Anna Lee Walters
My name is Buffalo Wallow Woman. This is my real name. I live on the sixth floor of the whiteman hospital, in the mental ward. This is not the first time I have been in a mental ward, I know these places well. I wander through this one like a ghost in my wrinkled gown. My feet barely brush over the white tile floor. The long windows reflect the ghost that I have become: I am all bones and long coarse white hair. Nevertheless, there are slender black iron bars on the windows to prevent my shadow from leaving here. Bars on sixth-story windows puzzle me. On the other side of the bars, the city lays safely beyond my reach, the wrath of the ghost of Buffalo Wallow Woman.
Bars or not, I plan to leave this ward tonight. I’ve already been here too long. This place makes me ill, makes my heart pause and flutter. Sometimes it makes me really crazy. I told that to those in white, but they refused to listen, with the exception of one. I said, “Hospitals make me sick! Here my strong heart is weak.” In response, one of them shrugged, another frowned suspiciously. A nurse replied, “Now, Mrs. Smith, you don’t want to hurt our feelings, do you?”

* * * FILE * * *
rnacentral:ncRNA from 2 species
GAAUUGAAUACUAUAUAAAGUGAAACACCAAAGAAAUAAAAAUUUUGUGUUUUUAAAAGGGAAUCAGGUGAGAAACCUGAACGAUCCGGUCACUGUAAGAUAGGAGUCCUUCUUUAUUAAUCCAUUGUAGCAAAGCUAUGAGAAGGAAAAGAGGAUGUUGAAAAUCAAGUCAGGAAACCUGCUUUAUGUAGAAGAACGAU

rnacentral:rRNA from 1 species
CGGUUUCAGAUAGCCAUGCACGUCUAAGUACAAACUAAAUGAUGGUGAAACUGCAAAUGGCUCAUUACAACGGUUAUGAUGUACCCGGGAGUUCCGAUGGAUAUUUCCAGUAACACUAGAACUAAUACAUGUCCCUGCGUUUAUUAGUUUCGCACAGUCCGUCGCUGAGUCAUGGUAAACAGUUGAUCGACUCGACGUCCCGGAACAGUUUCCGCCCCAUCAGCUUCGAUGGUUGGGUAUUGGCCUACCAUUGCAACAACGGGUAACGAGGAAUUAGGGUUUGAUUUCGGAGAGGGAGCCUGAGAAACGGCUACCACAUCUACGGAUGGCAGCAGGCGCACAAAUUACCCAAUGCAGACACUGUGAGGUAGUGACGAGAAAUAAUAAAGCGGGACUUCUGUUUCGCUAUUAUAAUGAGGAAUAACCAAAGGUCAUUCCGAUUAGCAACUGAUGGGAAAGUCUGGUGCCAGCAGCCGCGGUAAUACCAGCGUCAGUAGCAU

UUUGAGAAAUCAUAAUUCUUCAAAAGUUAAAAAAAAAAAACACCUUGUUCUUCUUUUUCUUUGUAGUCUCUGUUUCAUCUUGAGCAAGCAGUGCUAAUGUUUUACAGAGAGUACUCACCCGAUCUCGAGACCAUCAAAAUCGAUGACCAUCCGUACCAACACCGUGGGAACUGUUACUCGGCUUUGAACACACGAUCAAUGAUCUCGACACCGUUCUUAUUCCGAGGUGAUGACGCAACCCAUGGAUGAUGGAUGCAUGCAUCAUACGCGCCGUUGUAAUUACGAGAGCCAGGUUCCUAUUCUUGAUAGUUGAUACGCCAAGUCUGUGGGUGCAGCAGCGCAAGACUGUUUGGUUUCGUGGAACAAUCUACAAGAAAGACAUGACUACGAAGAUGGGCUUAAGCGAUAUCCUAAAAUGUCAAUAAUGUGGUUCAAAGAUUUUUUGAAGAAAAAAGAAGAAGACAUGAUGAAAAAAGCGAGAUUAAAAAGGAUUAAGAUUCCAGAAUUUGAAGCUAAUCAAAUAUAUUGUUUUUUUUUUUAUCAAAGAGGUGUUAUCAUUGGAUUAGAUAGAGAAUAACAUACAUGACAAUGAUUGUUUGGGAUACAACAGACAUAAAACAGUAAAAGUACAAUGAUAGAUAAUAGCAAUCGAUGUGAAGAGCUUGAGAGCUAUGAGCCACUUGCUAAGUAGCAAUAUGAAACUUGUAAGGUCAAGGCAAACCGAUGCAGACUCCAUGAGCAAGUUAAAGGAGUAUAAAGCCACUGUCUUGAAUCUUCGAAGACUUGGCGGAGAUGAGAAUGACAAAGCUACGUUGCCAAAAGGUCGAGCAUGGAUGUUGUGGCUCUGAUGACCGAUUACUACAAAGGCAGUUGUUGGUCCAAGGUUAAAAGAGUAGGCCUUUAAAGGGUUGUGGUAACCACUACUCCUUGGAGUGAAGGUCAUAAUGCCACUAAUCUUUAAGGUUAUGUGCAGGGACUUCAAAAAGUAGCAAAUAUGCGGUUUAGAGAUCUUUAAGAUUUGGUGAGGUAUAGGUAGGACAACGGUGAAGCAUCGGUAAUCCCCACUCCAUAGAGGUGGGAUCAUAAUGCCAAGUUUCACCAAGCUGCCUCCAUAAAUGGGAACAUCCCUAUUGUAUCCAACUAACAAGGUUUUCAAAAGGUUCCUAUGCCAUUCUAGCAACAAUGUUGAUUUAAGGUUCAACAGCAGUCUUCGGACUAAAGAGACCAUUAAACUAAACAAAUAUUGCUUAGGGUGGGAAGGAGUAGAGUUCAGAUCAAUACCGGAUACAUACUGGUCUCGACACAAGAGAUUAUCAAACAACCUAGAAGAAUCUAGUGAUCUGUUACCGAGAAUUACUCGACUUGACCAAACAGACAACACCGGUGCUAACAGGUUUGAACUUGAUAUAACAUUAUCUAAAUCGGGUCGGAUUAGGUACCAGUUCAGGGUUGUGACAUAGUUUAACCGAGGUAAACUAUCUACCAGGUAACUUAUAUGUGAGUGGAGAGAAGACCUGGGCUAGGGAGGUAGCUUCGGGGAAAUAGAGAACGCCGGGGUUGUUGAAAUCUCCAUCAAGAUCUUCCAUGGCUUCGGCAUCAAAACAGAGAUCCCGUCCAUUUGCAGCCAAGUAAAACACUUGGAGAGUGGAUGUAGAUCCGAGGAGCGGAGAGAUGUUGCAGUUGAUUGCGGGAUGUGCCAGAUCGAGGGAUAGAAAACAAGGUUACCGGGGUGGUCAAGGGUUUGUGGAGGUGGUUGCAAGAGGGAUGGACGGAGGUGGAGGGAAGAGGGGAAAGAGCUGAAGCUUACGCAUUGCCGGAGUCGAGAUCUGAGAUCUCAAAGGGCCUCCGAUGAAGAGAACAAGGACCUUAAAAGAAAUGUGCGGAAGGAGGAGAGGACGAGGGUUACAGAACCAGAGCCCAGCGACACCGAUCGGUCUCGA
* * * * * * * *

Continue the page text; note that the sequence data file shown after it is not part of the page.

Well, that made me grab her arm and dig my long fingernails into it. I wanted to scream, but I controlled this urge and said calmly, “What’s that you called me? My name is Buffalo Wallow Woman.” She and I stared each other in the eyes for five minutes before we separated: she to her mindless patients, and me to my room to locate the clothes I ought to wear when I escape from here.
My clothes are missing. Why would someone take a ghost’s clothing? My possessions are so old. My moccasin soles consist only of patches by now, but I don’t care. They take me where I want to go. I look at my feet stuffed into polyfoam and I hunger for beautiful things that are no more.
The closet is empty. Perhaps my clothes were never there. Perhaps I really am a ghost now. Perhaps I did not live at all. I look in the window to reassure myself—my spirit shimmers and fades, shimmers and fades. Am I deceased or alive? At this moment I really don’t know.
Questia, a part of Gale, Cengage Learning. www.questia.com
Publication information: Book title: Reckonings: Contemporary Short Fiction by Native American Women. Contributors: Hertha D. Sweet Wong - Editor, Lauren Stuart Muller - Editor, Jana Sequoya Magdaleno - Editor. Publisher: Oxford University Press. Place of publication: New York. Publication year: 2008. Page number: 63.
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